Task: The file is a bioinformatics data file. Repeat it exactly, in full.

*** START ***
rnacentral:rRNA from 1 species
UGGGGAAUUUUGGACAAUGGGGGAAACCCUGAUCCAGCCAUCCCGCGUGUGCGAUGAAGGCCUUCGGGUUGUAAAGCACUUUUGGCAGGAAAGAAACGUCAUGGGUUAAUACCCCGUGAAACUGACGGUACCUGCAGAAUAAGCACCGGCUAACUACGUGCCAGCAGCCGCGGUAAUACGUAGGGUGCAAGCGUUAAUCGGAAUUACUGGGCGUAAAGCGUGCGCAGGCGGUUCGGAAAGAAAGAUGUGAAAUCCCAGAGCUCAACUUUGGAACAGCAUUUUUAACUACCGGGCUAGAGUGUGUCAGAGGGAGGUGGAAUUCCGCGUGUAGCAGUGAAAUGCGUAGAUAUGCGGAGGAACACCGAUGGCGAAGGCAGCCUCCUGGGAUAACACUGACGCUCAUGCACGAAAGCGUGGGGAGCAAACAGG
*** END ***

rnacentral:rRNA from 1 species
UGGGGAAUUUUGGACAAUGGGGGAAACCCUGAUCCAGCCAUCCCGCGUGUGCGAUGAAGGCCUUCGGGUUGUAAAGCACUUUUGGCAGGAAAGAAACGUCAUGGGUUAAUACCCCGUGAAACUGACGGUACCUGCAGAAUAAGCACCGGCUAACUACGUGCCAGCAGCCGCGGUAAUACGUAGGGUGCAAGCGUUAAUCGGAAUUACUGGGCGUAAAGCGUGCGCAGGCGGUUCGGAAAGAAAGAUGUGAAAUCCCAGAGCUCAACUUUGGAACAGCAUUUUUAACUACCGGGCUAGAGUGUGUCAGAGGGAGGUGGAAUUCCGCGUGUAGCAGUGAAAUGCGUAGAUAUGCGGAGGAACACCGAUGGCGAAGGCAGCCUCCUGGGAUAACACUGACGCUCAUGCACGAAAGCGUGGGGAGCAAACAGG